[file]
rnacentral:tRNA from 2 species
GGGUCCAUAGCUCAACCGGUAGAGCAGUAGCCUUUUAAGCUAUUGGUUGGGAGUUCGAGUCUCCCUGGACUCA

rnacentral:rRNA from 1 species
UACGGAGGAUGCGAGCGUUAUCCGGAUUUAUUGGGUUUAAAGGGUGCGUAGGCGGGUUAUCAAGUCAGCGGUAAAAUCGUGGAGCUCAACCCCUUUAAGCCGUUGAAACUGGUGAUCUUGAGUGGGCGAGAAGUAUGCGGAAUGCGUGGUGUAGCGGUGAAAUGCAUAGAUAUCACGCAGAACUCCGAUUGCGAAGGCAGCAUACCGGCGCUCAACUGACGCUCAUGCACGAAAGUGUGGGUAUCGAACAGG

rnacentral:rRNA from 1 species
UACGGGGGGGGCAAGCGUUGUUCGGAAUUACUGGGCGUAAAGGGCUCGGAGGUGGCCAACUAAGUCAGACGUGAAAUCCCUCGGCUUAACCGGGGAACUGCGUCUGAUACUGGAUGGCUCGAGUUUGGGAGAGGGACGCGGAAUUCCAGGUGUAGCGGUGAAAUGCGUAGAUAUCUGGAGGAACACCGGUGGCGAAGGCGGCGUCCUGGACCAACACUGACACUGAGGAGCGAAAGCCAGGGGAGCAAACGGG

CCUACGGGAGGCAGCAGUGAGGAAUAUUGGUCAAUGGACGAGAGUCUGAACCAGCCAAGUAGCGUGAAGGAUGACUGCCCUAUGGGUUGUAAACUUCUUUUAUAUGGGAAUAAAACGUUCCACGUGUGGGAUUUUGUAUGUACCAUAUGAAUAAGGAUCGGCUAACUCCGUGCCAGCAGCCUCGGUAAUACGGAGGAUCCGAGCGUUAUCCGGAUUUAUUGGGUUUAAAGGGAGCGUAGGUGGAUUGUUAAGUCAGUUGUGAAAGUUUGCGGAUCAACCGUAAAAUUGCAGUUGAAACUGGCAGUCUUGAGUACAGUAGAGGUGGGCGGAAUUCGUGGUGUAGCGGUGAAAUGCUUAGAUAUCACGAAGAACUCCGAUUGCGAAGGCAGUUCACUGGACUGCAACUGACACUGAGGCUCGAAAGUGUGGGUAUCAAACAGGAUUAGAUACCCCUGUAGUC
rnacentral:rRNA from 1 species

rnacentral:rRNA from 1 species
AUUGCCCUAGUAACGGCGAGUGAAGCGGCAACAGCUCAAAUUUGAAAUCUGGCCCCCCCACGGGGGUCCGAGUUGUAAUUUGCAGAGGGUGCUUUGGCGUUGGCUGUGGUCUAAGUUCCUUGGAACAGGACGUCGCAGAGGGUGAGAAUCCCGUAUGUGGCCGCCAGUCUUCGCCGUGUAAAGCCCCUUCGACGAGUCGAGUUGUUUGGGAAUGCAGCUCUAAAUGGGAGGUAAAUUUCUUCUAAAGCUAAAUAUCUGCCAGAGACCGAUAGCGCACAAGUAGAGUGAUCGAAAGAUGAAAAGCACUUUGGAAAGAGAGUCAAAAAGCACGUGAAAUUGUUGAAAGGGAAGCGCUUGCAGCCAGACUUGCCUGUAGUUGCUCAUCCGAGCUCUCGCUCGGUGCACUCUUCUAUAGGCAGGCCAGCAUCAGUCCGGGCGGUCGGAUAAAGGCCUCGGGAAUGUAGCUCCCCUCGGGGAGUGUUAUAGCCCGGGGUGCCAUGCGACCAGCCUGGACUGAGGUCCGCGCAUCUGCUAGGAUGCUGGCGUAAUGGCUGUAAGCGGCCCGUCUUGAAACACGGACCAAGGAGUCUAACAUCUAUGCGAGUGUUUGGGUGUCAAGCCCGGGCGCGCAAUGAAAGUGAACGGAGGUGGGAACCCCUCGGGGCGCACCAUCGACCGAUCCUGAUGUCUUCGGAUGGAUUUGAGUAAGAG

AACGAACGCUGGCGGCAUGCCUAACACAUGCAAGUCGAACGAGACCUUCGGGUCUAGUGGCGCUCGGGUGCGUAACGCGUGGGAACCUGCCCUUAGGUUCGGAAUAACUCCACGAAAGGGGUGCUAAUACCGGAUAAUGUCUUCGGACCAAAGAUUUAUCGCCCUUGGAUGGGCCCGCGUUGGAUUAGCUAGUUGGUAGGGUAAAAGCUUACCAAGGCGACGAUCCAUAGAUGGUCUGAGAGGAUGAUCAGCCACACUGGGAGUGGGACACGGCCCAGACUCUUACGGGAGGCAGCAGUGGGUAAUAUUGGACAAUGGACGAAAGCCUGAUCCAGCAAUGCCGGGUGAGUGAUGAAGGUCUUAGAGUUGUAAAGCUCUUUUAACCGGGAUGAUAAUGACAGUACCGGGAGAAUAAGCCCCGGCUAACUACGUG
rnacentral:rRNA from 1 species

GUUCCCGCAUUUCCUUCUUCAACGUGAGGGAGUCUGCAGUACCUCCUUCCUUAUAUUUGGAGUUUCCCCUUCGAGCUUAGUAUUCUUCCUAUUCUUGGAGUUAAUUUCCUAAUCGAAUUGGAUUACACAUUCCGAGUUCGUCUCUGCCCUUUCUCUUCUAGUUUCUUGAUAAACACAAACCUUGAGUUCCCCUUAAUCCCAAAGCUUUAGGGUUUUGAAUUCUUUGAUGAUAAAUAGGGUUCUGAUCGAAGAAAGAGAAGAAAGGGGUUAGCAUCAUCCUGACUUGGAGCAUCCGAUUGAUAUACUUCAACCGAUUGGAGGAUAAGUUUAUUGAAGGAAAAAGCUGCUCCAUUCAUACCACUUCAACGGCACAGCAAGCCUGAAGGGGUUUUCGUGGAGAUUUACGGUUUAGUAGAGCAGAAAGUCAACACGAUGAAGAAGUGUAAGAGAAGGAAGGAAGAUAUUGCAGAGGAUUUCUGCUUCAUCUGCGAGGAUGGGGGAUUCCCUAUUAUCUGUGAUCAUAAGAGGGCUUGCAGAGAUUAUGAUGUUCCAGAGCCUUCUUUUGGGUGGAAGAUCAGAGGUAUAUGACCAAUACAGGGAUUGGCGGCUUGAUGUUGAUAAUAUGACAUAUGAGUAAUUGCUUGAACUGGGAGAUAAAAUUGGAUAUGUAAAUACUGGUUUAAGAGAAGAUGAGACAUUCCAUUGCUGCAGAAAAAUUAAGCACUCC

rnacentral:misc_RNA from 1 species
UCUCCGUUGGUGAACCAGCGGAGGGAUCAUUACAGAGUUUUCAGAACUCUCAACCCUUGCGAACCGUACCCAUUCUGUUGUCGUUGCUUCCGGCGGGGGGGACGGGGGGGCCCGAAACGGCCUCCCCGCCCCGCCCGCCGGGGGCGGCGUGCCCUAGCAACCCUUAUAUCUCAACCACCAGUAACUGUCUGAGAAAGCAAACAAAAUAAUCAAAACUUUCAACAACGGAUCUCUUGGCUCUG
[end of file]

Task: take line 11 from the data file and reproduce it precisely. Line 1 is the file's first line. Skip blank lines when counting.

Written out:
AACGAACGCUGGCGGCAUGCCUAACACAUGCAAGUCGAACGAGACCUUCGGGUCUAGUGGCGCUCGGGUGCGUAACGCGUGGGAACCUGCCCUUAGGUUCGGAAUAACUCCACGAAAGGGGUGCUAAUACCGGAUAAUGUCUUCGGACCAAAGAUUUAUCGCCCUUGGAUGGGCCCGCGUUGGAUUAGCUAGUUGGUAGGGUAAAAGCUUACCAAGGCGACGAUCCAUAGAUGGUCUGAGAGGAUGAUCAGCCACACUGGGAGUGGGACACGGCCCAGACUCUUACGGGAGGCAGCAGUGGGUAAUAUUGGACAAUGGACGAAAGCCUGAUCCAGCAAUGCCGGGUGAGUGAUGAAGGUCUUAGAGUUGUAAAGCUCUUUUAACCGGGAUGAUAAUGACAGUACCGGGAGAAUAAGCCCCGGCUAACUACGUG